Moe Thein, a 30-year-old from Myitkyina, was arrested by police for dealing drugs. He served a seven-year sentence in Tamu City workers prison over 900 kilometers away in Chin state and later transferred to Mandalay. He was often starved while in prison, and witnessed many ethnic-driven killings. He was released from prison in February 2017, only to start taking heroin himself. His family, fearing he may be sent away to prison again, contacted Pat Ja San. Moe Thein spoke to his father a few days ago and said that if he’s better when he gets out of detox, perhaps he could take over the running of his father’s shop.

If the local police arrest someone on drug charges, they could be imprisoned for up to 24 months. It’s also quite common that, like Moe Thein, they’ll be forced to serve their sentence in other areas of Myanmar, where they can face discrimination for their ethnic origins.

Many families who fear their loved ones may be sent away from home would prefer to have them kept at one of Pat Ja San’s 94 detox centers around Kachin and northern Shan state. Pat Ja San records show that 7,334 users were held in their detox centers between April 2014 and April 2016, some as young as 14 years old.

Any drug dealers caught by Pat Ja San are usually handed over to police rather than being sent to one of their detox centers. Dealers don’t require the same treatment as a drug user and are in fact working against Pat Ja San, in trying to eradicate the drug. However, there are exceptions. In the only center that houses both men and women, 27- year-old Nu Tawng from neighboring Shan state was caught selling drugs in Myitkyina on December 7, 2016. She had just moved to the city to support her family back home, and it was her first time dealing. She pleaded to be taken to a detox center instead of being handed over to the police. In exchange for this she would volunteer for two years. Nu Tawng put in a request to visit her husband and three children in her home state, but she’s yet to receive a reply.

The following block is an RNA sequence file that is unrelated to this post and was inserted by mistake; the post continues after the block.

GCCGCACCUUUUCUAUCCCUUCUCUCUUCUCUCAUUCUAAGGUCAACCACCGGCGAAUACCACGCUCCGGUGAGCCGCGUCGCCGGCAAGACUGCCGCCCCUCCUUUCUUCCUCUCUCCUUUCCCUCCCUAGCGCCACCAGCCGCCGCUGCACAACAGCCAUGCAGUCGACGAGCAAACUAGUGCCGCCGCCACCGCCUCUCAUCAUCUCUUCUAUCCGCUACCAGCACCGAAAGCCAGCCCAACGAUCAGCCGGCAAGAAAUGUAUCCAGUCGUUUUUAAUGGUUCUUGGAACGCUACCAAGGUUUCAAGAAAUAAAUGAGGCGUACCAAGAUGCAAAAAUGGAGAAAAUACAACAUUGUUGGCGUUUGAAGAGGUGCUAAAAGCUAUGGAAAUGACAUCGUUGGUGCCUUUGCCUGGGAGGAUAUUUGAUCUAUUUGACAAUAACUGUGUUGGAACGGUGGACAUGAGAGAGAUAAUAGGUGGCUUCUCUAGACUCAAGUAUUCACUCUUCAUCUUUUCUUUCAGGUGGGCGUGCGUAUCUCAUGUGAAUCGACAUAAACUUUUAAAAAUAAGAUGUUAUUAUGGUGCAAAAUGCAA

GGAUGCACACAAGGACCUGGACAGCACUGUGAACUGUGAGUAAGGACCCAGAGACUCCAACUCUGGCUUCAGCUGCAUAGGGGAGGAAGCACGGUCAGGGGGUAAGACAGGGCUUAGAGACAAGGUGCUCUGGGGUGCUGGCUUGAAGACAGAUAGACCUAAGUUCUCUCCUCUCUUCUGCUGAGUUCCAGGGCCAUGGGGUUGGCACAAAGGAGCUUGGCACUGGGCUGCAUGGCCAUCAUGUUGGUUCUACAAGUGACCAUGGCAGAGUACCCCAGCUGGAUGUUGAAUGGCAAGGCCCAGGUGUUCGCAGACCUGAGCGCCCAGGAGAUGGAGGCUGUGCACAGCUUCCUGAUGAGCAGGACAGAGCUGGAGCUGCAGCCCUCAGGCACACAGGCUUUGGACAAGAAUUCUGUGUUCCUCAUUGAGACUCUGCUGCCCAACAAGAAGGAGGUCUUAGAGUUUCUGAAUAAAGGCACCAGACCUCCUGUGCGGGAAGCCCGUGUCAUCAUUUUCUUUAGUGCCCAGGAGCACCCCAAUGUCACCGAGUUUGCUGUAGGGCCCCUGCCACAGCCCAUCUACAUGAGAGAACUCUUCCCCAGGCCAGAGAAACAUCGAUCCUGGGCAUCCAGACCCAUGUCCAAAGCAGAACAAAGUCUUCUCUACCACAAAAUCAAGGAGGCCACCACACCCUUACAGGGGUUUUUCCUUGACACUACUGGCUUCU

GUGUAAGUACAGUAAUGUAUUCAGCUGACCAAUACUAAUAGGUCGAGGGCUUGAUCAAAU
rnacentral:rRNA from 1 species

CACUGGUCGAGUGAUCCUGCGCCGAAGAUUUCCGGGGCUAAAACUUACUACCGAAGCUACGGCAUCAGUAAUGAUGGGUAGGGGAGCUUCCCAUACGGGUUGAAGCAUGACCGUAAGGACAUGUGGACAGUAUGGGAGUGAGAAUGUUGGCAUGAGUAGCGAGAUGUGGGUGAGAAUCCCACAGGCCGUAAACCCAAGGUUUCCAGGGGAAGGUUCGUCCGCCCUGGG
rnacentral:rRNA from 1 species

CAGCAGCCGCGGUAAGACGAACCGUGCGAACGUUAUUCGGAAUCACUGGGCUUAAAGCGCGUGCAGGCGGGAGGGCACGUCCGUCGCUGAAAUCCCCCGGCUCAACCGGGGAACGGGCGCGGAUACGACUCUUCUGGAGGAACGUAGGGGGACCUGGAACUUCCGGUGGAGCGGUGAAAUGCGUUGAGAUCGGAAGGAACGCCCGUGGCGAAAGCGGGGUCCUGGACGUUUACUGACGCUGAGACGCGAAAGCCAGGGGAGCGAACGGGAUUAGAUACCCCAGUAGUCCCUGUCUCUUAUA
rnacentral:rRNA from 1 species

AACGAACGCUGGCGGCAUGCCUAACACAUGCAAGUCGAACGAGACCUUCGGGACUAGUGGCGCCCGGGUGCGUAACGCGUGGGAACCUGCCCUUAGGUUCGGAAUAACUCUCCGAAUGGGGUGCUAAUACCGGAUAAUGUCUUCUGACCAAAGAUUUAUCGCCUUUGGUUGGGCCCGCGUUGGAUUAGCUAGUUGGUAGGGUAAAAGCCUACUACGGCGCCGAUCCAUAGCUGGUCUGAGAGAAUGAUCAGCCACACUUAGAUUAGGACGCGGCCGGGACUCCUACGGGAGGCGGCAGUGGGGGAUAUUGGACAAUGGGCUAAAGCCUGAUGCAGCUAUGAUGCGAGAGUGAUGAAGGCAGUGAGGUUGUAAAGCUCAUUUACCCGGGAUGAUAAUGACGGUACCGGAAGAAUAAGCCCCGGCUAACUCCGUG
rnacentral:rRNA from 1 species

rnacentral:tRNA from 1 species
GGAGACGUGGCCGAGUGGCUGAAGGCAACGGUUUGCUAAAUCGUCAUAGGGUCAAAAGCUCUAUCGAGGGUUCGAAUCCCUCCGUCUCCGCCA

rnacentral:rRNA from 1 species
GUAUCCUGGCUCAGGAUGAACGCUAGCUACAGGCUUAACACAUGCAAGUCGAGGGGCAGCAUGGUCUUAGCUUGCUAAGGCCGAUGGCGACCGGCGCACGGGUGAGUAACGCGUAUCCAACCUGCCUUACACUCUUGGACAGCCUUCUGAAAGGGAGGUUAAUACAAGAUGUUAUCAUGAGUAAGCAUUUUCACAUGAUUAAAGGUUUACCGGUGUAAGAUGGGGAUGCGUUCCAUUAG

According to one Kachin community leader, “The military uses the drug as a way to destroy the ethnic people of Kachin state, especially the Kachin people. All the drug dealing and farming issues are controlled by the military, while the exporting and transporting is controlled by the border guard force, and everything is in their hands. On paper the government is against the use of drugs, but in reality they do not enforce it.”

As Pat Ja San is a non-state group, they don’t have the authority to detain anyone or conduct raids on poppy plantations. This has led to armed confrontation with farmers and government-backed militias, and at times tense standoffs with the police and the Tatmadaw.

In February 2016, the military command and the Kachin police agreed to cooperate with Pat Ja San and eradicate poppy plantations on the Chinese border. When Pat Ja San tried to enter the area, they were blocked by the Tatmadaw, who said they had halted the operation because local farmers said they would respond with violence. This led to a weeklong stand off between hundreds of Pat Ja San activists and the military. The Kachin police stayed clear of the standoff despite their support for Pat Ja San, as they are ultimately under the Tatmadw’s control. The case was later put in front of parliament, who voted in overwhelming support of Pat Ja San.